It's been four years since Obama has been challenged in a debate. In the first two rounds on the economy, expect to see him pausing to formulate responses and trying to dodge questions. By the time the debate moves into healthcare, however, he should have regained his stride. It won't be an overwhelming victory, but if he avoids making snide comments and appears knowledgeable on the deficit and unemployment, it won’t be a loss, either.
By Benjamin Kamisar
With just 34 days between the first debate and the general election, it's crunch time for Republican presidential nominee Mitt Romney. Despite air tight poll numbers among national likely voters, President Barack Obama seems to have the electoral college momentum, and Romney must flip the momentum soon and fortify the narrative that he is the counter to Obama's failed policies. By hammering home these strengths and avoiding his weaknesses, here's how Romney can win Wednesday's debate.
The economy, stupid
For Romney to pull out the underdog victory, he needs to slam his economic message home: that Obama has failed to deliver on his promise of putting Americans back to work and spurring economic recovery. In 2008, Obama relied on overwhelming support from the African-American and youth communities, two groups facing unemployment rates significantly above the national average, at 16.5 percent and 30.2 percent respectively as of July. Romney will undoubtedly address unemployment overall, highlighting the administration's predictions that their stimulus would lower unemployment to well under 8 percent.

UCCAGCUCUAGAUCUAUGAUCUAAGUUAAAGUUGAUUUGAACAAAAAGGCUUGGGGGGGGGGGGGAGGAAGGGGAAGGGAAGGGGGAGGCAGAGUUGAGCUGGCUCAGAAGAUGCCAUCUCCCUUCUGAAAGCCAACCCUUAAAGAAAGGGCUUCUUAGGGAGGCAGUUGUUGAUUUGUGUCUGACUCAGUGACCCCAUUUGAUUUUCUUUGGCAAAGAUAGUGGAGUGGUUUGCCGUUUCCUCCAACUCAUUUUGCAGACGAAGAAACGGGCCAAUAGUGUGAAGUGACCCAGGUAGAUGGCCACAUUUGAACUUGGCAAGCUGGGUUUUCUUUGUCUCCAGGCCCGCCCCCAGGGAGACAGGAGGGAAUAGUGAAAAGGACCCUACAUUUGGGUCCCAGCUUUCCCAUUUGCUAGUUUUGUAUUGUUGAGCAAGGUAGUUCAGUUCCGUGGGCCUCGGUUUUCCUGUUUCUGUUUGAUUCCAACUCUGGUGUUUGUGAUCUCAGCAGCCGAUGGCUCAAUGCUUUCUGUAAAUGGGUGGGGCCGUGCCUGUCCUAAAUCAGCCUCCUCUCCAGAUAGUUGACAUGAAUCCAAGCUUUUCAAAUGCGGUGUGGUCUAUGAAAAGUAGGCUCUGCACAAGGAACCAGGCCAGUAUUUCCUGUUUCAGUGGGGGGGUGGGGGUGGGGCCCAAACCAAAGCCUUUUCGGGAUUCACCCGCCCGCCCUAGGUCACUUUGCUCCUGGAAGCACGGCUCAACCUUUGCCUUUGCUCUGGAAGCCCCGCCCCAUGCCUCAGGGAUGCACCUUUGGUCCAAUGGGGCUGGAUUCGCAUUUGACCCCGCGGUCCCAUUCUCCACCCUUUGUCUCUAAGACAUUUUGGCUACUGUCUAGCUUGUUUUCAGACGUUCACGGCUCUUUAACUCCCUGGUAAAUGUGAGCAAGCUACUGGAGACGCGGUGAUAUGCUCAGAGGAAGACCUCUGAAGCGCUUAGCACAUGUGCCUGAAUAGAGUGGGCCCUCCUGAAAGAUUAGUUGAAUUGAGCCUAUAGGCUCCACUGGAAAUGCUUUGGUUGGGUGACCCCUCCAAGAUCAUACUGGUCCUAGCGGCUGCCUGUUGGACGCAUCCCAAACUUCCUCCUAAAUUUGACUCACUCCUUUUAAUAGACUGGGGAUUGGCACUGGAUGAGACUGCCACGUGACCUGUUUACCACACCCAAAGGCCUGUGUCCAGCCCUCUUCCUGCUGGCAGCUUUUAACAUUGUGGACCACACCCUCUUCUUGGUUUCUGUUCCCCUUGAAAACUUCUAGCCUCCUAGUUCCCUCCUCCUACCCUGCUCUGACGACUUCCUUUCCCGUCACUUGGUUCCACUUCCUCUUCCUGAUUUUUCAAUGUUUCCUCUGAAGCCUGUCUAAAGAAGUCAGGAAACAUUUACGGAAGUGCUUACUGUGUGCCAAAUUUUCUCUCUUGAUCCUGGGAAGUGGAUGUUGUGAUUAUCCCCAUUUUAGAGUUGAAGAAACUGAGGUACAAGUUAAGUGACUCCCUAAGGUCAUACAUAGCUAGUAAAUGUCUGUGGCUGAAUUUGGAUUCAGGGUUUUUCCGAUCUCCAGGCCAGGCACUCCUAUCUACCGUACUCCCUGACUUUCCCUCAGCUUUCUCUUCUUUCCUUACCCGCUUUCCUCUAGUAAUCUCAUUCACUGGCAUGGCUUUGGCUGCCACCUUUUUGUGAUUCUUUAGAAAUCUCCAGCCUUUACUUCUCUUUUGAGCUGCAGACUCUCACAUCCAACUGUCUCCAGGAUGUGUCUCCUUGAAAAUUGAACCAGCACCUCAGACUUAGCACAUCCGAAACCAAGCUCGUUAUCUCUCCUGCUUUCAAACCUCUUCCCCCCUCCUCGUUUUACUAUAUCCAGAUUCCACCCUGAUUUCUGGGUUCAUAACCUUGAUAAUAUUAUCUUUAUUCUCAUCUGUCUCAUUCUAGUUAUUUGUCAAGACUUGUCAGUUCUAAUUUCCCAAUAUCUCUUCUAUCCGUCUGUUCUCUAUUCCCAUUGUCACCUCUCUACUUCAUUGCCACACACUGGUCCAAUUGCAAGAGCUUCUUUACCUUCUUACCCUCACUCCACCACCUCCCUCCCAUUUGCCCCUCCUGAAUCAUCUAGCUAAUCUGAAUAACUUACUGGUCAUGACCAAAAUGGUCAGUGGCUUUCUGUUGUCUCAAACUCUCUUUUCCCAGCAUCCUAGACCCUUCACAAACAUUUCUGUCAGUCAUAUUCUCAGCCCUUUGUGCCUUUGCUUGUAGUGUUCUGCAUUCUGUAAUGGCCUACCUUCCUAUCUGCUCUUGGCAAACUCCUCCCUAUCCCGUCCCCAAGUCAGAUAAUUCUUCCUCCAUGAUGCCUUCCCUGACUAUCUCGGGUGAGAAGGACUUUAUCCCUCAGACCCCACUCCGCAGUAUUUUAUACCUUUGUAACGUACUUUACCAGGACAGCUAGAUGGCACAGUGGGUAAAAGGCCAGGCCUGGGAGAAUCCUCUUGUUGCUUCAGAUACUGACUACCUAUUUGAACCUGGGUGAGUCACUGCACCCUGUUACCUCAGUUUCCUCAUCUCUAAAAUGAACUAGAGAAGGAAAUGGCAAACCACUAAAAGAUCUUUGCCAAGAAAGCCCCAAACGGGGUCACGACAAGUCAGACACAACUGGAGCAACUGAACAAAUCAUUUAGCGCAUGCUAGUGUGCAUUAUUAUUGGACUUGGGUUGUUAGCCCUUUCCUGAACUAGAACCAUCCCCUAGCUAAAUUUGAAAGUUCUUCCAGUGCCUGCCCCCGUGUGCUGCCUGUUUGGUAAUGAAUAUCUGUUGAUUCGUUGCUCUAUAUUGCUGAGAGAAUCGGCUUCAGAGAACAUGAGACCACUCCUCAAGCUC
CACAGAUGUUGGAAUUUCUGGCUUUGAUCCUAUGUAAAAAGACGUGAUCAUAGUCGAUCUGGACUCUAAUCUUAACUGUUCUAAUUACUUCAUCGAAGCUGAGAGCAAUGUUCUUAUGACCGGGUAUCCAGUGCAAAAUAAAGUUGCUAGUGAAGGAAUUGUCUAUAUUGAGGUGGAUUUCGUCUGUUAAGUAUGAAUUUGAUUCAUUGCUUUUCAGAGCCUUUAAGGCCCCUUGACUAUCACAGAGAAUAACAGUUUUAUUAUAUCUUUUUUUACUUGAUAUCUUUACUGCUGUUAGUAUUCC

Another key weapon for Romney will be deficit reduction; with the deficit already a main image during the convention, Romney will aggressively attack Obama for the over $5 trillion added to the debt since he took office. This will unquestionably shift the conversation towards culpability, with Romney attempting to hang the blame on Obama for not closing this gap, while the president will deflect most of the criticism towards Bush-era policies. Whoever makes the stronger case here will gain significant control in the debate.
Tough at the pump
One of the easiest targets for Romney should be gas prices, which have steadily increased since Obama's inauguration. While significant arguments can be made to deflect blame from the president, Americans have seen the tangible and drastic increases to gas prices. Romney will almost certainly combine his gas price attack with Obama's unwillingness to support the Keystone XL pipeline to demonstrate Obama's failed energy policies.